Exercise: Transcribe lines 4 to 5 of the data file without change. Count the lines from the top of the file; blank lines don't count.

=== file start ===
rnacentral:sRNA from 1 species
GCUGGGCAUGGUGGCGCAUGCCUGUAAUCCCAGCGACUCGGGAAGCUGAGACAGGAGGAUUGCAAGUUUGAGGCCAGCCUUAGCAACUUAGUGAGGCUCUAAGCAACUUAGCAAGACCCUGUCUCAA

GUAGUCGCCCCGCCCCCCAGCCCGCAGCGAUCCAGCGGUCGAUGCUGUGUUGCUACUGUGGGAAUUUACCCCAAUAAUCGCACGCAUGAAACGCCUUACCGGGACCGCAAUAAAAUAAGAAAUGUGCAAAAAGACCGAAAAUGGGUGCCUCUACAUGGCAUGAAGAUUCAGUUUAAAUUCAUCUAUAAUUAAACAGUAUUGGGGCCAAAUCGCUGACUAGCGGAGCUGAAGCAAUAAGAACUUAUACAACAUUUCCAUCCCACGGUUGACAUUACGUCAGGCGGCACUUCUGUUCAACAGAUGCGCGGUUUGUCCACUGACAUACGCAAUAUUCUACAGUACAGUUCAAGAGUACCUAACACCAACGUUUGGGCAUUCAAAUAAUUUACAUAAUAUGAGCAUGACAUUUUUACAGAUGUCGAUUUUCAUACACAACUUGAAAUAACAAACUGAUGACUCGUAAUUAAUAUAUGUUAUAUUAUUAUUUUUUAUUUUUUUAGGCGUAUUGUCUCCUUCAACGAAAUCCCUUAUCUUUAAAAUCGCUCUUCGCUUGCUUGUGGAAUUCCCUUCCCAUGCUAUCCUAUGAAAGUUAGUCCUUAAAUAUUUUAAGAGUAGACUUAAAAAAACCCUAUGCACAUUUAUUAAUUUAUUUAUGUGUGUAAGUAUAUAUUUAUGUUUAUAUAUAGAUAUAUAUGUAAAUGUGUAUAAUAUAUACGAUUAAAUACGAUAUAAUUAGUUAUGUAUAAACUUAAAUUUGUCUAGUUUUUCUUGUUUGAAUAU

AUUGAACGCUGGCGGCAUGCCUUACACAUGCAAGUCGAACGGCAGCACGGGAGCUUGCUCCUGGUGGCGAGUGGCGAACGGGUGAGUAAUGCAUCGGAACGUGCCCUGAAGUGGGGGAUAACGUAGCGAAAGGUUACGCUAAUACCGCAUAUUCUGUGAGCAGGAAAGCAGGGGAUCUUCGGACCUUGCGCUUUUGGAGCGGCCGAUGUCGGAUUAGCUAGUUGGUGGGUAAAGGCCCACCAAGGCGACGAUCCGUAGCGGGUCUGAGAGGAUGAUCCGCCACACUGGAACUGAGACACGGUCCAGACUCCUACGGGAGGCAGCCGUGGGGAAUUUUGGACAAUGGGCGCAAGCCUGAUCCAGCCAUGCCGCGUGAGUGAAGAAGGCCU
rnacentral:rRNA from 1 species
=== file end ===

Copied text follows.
AUUGAACGCUGGCGGCAUGCCUUACACAUGCAAGUCGAACGGCAGCACGGGAGCUUGCUCCUGGUGGCGAGUGGCGAACGGGUGAGUAAUGCAUCGGAACGUGCCCUGAAGUGGGGGAUAACGUAGCGAAAGGUUACGCUAAUACCGCAUAUUCUGUGAGCAGGAAAGCAGGGGAUCUUCGGACCUUGCGCUUUUGGAGCGGCCGAUGUCGGAUUAGCUAGUUGGUGGGUAAAGGCCCACCAAGGCGACGAUCCGUAGCGGGUCUGAGAGGAUGAUCCGCCACACUGGAACUGAGACACGGUCCAGACUCCUACGGGAGGCAGCCGUGGGGAAUUUUGGACAAUGGGCGCAAGCCUGAUCCAGCCAUGCCGCGUGAGUGAAGAAGGCCU
rnacentral:rRNA from 1 species